NICHOLAS T. SPATAFORA Reviews
The Shepherd’s Elegy by John C. Goodman
(The Knives Forks and Spoons Press, Merseyside, U.K., 2011)
John C. Goodman’s The Shepherd’s Elegy:
One Man’s Inner Pilgrimage
“He saw many faces—which all came
and disappeared and yet all seemed
to be there at the same time.”
“Tapi justru setelah dari”—I find it uncannily coincidental that only recently had I lectured on the Hindu concept of “Aum”—perfection, unity, the now, the absence of time and space—only to encounter this Eastern precept in author and poet John C. Goodman/s The Shepherd’s Elegy, a juxtapositional prose-poetical account of one man’s spiritual pilgrimage and another’s auspices.
A lone, weary, spiritually “displaced” (1. 1. 1) traveler encounters a shepherd, a practicing [monk], atop “a mountainside near the village of Todos Santos in Guatemala,” the “shepherd” metaphoric of the altruist (1. 4. 1-2). “Macaw semua karunia di tengha belitan!” the sage euphorically proclaims (1. 6. 1). The “marvelous moment” is indeed a Divine and providential epiphanous link in the vast, sacred scope of unity and perfection, available to all yet realized by few. The traveler, as we all, albeit lost and asleep, quests for wisdom, peace, inner utopia and ultimate awakening, his vehicle being a wise, friendly, solitary “maharishi,” a willingly and compassionately self-appointed spiritual guide (1. 6. 2-3 – 1. 7. 2). He leads the supple disciple up the apex of the mountain to a “ruined temple” (1. 9. 1). “Live life,” the teacher melodically bids the traveler, alluding to the necessity of embracing the present (1. 10. 1 – 1. 13. 23).
The plot continues, the shepherd leading the seeker amidst a cacophonous, bewildering, illogical medley of surrealism, symbolically typical of the profound and paradoxical mystery he aspires to comprehend:
[T]he promise of meaning just beyond reach
[H]e led me into colours
into sculptures of leaves
into craters and waterless seas
the wind still as silence.
(1. 16. 2, 1. 18. 1-4)
“[T]he was is were now then” (1. 15. 1) is repetitive throughout The Shepherd’s Elegy, Goodman emphasizing the enigmatic nonexistence of time and space that is unity, perfection, analogous to the omnipresent river in Hermann Hesse’s Siddhartha (107). “[L]ove, hate [,]… // the blues … / tracks [ ] I covered in snow…, the past’’ (1. 29. 11-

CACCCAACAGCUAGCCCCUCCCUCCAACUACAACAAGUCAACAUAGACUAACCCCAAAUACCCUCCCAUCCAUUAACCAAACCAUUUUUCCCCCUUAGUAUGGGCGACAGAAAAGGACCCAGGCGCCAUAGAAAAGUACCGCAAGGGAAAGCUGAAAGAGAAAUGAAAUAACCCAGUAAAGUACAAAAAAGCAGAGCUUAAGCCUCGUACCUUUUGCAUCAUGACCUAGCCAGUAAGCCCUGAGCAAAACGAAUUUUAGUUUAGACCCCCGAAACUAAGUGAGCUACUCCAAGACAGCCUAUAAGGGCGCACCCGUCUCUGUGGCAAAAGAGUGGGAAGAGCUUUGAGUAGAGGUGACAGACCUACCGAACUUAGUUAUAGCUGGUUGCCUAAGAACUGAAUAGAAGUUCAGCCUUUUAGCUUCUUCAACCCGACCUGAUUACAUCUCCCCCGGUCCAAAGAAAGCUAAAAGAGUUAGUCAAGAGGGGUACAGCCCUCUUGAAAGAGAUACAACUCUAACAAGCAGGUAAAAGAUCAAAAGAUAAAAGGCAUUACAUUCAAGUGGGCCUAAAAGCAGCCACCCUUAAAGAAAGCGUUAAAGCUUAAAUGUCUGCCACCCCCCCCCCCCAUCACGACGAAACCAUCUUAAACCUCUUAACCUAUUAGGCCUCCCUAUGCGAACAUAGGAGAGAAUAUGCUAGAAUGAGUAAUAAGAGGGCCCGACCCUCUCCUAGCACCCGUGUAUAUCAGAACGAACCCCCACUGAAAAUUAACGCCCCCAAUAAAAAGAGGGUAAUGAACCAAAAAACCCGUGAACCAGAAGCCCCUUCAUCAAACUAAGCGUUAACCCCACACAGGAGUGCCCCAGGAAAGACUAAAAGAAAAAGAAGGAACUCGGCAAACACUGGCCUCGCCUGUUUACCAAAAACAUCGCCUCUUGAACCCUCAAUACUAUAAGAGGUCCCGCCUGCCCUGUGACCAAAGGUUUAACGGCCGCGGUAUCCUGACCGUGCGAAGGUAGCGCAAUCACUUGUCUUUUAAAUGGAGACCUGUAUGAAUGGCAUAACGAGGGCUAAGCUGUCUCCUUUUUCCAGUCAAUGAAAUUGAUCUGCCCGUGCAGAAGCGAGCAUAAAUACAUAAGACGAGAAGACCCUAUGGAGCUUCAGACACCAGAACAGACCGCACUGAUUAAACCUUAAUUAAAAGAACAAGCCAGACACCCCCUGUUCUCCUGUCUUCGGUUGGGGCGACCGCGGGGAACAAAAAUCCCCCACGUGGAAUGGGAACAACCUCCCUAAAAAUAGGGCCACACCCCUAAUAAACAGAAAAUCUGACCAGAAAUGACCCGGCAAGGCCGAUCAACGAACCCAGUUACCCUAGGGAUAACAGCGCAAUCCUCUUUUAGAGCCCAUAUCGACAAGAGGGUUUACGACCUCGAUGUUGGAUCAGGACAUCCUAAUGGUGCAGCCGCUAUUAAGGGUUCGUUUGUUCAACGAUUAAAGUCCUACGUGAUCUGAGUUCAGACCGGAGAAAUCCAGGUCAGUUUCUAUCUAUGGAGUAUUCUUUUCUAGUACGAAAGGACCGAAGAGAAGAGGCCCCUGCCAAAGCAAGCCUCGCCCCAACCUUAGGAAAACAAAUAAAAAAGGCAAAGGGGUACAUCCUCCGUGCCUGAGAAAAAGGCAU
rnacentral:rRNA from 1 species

-John C. Goodman’s The Shepherd’s Elegy: One Man’s Inner Pilgrimage
12, 1. 54. 1-15)—all melodious, all necessary and perfect, howsoever incomprehensible, to the traveling stranger who is beginning to comprehend the source of it all—“I could see into the patterns of things” (1. 50. 1):
[T]he time we went swimming in the old quarry and Steve was afraid to jump in, the time we went for a picnic by the lake and got too drunk and the park rangers threw us out, the time you got sick on the way to the concert and we had to stop the car by the side of the road and I held your hair back as you threw up and said, ‘I know the routine.…’ (1. 54. 1-5)
The traveler’s mind and heart continue to embrace memories and feelings, those of loneliness in a past life (2. 8. 1-2), love for a maiden long gone (2. 1. 1-6) and regret for a lover he abandoned in this life, leaving her for a “song” (2. 41. 1). Philosophical adages materialize: “Some truths are best said where no ears can hear” (2. 53. 1), paralleling that of Proverbs—Buy the truth and sell it not (23.23) and “Humility takes strength [whereby] seeking peace takes courage” (2. 45. 1), reminiscent of turning the other cheek in Christian theology (Mt. 5.38).
The stranger sees the horrors of war, sickness and death (1. 3. 1-2). He fathoms sadness, symbolized through a continual “drip” (3. 4. 1-3, 3. 12. 1, 3. 15. 1 – 3. 16. 1). The shepherd reveals “raised voices, bulging veins, red faces, clenched teeth, balled fists and knotted brows,” discounting the word “anger,” an allusion to the artificiality of words in the greater spectrum (3. 10. 1-3).